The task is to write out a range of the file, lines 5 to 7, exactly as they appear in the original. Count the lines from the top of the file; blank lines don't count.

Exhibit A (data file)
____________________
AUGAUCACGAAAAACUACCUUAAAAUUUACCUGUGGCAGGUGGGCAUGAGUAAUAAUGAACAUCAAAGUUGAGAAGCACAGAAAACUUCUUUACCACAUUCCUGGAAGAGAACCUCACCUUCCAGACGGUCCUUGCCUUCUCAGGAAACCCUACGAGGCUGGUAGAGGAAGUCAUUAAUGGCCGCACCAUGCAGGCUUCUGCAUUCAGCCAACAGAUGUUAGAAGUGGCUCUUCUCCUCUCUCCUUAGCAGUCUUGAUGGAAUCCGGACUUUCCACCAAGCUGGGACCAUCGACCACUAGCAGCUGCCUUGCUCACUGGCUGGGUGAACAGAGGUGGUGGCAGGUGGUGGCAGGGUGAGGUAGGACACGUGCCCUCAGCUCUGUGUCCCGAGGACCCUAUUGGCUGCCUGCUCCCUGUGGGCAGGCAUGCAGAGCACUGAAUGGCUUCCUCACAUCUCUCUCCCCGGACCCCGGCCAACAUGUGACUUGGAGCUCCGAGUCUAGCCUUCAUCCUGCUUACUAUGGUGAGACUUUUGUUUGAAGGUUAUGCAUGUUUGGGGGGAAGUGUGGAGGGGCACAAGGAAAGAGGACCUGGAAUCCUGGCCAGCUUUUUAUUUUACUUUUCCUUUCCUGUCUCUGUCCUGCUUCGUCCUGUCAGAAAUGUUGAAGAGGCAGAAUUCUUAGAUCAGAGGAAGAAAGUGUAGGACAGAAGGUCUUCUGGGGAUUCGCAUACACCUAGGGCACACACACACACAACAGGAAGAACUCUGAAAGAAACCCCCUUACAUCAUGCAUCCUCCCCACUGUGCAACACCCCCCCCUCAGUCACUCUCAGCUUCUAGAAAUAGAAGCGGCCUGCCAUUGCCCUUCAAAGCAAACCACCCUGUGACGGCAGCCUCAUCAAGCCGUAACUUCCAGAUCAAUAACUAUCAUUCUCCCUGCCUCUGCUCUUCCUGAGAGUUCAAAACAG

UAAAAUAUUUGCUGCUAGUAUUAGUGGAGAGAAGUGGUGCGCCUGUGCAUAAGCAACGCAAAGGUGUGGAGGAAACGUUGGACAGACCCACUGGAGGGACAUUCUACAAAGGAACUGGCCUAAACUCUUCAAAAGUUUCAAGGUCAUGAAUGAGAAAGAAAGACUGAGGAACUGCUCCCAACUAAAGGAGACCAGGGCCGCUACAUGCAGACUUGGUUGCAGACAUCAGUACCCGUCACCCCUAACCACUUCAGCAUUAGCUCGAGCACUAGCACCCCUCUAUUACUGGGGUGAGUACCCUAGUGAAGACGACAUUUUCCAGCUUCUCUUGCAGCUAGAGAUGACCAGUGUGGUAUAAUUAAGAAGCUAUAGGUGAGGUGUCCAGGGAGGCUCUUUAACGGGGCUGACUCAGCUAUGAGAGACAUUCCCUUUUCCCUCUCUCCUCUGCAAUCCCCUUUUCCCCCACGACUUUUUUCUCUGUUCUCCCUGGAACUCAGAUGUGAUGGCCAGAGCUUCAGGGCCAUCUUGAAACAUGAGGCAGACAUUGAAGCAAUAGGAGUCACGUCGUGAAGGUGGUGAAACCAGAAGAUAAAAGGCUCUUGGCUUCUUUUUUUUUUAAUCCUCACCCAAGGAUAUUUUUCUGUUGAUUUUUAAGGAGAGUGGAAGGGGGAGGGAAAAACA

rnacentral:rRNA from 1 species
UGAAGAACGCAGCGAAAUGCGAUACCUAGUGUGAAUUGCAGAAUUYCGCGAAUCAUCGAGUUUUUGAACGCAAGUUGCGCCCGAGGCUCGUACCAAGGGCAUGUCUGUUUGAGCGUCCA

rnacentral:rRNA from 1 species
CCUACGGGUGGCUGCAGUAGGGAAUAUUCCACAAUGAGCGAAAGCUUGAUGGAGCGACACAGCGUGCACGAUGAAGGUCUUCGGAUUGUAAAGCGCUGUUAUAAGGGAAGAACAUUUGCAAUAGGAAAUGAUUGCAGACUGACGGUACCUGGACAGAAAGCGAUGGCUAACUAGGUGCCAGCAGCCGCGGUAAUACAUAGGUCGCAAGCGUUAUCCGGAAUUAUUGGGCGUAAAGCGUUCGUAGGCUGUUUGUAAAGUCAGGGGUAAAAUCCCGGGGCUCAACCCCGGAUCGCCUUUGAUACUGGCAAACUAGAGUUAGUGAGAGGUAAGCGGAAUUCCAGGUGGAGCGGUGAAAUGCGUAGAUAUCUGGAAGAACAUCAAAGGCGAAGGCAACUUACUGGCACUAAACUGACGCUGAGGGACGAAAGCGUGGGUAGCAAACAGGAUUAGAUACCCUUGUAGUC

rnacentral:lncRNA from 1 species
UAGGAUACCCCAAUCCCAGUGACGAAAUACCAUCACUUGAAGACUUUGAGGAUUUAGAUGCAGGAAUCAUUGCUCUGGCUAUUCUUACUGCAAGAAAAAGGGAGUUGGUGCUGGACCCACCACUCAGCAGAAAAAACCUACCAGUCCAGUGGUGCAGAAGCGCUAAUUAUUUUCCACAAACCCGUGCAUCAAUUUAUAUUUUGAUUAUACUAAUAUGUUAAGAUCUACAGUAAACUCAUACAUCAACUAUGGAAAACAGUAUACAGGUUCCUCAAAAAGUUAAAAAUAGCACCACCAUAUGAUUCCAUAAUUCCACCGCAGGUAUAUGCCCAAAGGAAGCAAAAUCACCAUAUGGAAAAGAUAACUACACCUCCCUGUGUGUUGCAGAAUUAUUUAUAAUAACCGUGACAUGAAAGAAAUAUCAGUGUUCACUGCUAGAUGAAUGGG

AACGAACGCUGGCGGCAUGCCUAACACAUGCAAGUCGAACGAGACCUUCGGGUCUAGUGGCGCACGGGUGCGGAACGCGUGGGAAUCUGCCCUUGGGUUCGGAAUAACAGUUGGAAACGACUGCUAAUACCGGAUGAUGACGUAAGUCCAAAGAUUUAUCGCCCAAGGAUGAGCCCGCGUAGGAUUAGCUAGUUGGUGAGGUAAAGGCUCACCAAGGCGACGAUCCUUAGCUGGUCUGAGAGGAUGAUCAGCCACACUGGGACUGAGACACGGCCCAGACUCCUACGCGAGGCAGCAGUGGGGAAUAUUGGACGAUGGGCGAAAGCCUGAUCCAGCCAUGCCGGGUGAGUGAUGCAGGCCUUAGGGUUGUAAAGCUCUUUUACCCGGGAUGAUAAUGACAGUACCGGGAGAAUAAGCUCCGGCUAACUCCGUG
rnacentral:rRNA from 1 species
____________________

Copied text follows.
rnacentral:rRNA from 1 species
CCUACGGGUGGCUGCAGUAGGGAAUAUUCCACAAUGAGCGAAAGCUUGAUGGAGCGACACAGCGUGCACGAUGAAGGUCUUCGGAUUGUAAAGCGCUGUUAUAAGGGAAGAACAUUUGCAAUAGGAAAUGAUUGCAGACUGACGGUACCUGGACAGAAAGCGAUGGCUAACUAGGUGCCAGCAGCCGCGGUAAUACAUAGGUCGCAAGCGUUAUCCGGAAUUAUUGGGCGUAAAGCGUUCGUAGGCUGUUUGUAAAGUCAGGGGUAAAAUCCCGGGGCUCAACCCCGGAUCGCCUUUGAUACUGGCAAACUAGAGUUAGUGAGAGGUAAGCGGAAUUCCAGGUGGAGCGGUGAAAUGCGUAGAUAUCUGGAAGAACAUCAAAGGCGAAGGCAACUUACUGGCACUAAACUGACGCUGAGGGACGAAAGCGUGGGUAGCAAACAGGAUUAGAUACCCUUGUAGUC

rnacentral:lncRNA from 1 species